Shane Simmons – South Carolina Department of Employment and Workforce
- Written by: Kate Gardner
- Produced by: Zachary Brann & Peter Markoe
- Estimated reading time: 5 mins
While Shane Simmons knew the demand for cybersecurity analysts was high, he didn’t predict how many people would be interested in the career path.
Earlier this year, 86 people applied for 10 spots in an internship program that he created with the South Carolina Department of Employment and Workforce. Simmons, the organization’s chief information office r, selected participants based on how they answered questions about their interest in the program.
“One person was working a minimum wage job and wanted to change his path in life,” Simmons says. “We already have companies that plan to offer some of our participants a $60,000 salary when they’re done here. This program will create generational change for people.”
That’s exactly what the DEW aims to provide. The state agency offers training and certificate programs to help residents develop skills for in demand jobs, especially within the technology industry. It also manages resources and assistance, such as workforce development, employment services, unemployment insurance benefits and labor market information.
Simmons was asked to develop the cybersecurity analyst program after the agency’s executive director, Dan Ellzey, saw the “critical skill gap” for the role, not only in South Carolina, but across the country. The only requirement participants need is a high school diploma; no IT experience or certifications are needed.
“This type of job is best to learn hands on, so it’s been great having people excited to learn,” Simmons says. “It makes me feel good to see so much interest in the program.”
Simmons, who’d only been with the agency for a month when he began developing the program late last year, drew on his experience building cybersecurity programs at other companies.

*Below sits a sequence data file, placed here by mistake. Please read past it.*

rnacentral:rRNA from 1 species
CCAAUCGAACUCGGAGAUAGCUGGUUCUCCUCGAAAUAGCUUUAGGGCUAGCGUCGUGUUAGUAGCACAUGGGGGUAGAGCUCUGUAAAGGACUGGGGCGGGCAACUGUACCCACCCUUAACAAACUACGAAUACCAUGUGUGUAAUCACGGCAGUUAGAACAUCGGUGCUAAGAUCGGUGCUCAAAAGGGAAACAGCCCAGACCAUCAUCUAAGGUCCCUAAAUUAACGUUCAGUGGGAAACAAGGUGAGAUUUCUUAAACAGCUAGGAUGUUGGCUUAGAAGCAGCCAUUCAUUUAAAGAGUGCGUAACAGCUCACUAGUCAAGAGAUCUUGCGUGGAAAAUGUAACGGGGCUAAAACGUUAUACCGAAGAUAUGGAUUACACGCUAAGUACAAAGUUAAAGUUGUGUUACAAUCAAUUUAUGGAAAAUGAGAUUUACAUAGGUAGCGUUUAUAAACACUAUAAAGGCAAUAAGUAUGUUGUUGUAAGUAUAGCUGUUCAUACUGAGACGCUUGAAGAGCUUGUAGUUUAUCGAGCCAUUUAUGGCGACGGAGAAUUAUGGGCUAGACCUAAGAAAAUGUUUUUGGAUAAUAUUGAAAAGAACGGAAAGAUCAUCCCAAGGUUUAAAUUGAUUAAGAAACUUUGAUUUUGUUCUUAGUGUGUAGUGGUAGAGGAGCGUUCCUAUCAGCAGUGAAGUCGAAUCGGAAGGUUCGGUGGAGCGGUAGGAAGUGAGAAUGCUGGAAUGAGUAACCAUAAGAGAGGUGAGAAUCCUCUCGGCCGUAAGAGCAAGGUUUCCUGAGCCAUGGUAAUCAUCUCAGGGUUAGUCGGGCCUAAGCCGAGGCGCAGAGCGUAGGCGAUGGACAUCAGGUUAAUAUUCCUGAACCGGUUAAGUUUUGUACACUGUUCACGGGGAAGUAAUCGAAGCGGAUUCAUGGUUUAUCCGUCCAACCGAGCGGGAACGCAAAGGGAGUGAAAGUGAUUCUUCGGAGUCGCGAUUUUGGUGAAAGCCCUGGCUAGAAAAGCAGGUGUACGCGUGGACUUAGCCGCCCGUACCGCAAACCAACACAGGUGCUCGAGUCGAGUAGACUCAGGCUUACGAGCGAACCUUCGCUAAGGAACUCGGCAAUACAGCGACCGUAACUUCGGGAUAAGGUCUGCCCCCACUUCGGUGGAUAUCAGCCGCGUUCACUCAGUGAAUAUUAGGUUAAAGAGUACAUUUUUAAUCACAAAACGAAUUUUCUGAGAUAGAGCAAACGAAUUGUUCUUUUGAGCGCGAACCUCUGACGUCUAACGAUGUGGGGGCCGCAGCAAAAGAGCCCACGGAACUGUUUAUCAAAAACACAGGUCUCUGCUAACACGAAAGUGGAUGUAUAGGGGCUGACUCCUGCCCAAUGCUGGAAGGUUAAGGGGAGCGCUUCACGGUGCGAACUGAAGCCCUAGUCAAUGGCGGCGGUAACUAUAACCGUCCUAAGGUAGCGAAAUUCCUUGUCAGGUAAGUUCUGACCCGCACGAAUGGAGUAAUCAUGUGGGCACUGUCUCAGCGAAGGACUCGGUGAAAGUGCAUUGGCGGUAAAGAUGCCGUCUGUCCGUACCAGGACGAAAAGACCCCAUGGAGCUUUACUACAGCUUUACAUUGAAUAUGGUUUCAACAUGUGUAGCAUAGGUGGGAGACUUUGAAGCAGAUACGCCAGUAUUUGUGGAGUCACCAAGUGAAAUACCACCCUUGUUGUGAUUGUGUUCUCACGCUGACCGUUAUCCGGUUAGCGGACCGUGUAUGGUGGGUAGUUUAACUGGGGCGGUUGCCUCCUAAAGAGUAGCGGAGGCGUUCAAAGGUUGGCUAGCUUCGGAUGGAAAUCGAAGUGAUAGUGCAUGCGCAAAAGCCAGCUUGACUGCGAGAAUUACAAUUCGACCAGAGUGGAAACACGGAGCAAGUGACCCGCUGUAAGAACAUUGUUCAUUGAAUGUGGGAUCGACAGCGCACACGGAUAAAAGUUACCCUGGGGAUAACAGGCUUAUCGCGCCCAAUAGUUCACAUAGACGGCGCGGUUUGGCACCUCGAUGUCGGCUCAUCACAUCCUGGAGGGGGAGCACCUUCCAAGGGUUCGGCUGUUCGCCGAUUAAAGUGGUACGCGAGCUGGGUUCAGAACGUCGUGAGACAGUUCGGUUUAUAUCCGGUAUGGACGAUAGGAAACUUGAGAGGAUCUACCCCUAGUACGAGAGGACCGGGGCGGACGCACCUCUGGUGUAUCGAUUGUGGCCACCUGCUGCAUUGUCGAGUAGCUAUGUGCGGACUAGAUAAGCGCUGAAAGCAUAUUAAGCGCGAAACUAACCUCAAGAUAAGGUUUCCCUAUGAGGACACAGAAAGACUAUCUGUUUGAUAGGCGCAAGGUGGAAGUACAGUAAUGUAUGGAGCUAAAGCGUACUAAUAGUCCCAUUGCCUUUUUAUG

He worked with a small team to develop the year-long program, which is broken into four three-month phases. The first cohort of the program started in July, with participants ranging from a recent high school graduate to people in their fifties looking for a career change. A new cohort will start every three months, always staying one phase behind the cohort ahead.
Phase one of the program focuses on developing core security operation center analyst skills, including identifying suspicious emails and stopping them from causing harm. Participants will also learn to investigate files and links across the agency’s network and handle data loss prevention incidents.
In the second phase, which will focus on log analysis, participants will learn to read computer logs and identify incidents. Phase three will focus on threat hunting, vulnerability management, security audits and privacy assessments.
The fourth phase will be somewhat different and will use a “train the trainer approach” in which participants will teach phases one through three to the newest cohort. During this phase, Simmons and his team will also help participants apply for jobs.
“The way we’re designing this program isn’t for our own advantage,” he says. “Our goal is to line them up for a job with a private business or other government agencies .”